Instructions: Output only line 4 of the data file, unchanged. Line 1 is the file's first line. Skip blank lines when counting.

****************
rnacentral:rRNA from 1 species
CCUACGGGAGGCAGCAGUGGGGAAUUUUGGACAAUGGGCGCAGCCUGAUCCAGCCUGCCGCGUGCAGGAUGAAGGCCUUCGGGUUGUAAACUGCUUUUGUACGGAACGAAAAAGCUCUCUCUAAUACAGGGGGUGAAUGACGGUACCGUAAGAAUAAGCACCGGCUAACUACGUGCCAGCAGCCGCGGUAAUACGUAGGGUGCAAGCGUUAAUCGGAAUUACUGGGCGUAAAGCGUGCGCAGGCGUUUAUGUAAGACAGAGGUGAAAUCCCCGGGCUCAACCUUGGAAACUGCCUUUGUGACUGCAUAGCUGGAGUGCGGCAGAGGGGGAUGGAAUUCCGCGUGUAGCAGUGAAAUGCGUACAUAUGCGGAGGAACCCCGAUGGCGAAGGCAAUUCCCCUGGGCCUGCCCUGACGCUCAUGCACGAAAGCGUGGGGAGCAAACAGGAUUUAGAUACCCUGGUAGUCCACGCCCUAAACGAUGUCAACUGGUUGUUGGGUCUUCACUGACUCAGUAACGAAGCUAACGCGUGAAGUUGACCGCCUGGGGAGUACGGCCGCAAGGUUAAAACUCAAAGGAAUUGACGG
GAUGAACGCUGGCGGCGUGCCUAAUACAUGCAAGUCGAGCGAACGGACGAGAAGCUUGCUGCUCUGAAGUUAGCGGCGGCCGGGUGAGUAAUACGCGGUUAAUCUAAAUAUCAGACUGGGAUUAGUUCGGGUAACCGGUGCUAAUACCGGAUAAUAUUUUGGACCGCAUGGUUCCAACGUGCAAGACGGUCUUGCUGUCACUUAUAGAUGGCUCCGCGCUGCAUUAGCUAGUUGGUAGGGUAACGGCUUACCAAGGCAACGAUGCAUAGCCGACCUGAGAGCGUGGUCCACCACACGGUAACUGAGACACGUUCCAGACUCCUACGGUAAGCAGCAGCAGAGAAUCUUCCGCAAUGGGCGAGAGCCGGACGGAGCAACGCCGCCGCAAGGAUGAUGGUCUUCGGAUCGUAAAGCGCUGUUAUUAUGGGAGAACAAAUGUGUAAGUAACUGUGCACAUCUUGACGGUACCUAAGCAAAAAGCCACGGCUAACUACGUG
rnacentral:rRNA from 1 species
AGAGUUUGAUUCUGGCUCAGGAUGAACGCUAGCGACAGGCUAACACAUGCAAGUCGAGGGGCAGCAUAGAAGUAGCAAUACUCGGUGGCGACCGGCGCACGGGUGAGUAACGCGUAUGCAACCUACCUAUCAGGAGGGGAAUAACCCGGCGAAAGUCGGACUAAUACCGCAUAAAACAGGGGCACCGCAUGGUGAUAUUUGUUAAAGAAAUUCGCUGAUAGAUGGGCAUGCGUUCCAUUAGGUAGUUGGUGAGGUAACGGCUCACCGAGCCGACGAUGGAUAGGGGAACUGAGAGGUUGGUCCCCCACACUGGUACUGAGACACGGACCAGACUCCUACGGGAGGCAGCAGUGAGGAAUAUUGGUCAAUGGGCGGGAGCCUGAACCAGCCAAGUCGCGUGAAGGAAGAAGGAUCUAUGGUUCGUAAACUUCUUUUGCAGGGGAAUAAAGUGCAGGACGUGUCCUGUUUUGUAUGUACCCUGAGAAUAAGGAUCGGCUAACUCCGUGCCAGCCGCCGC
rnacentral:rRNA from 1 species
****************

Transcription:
rnacentral:rRNA from 1 species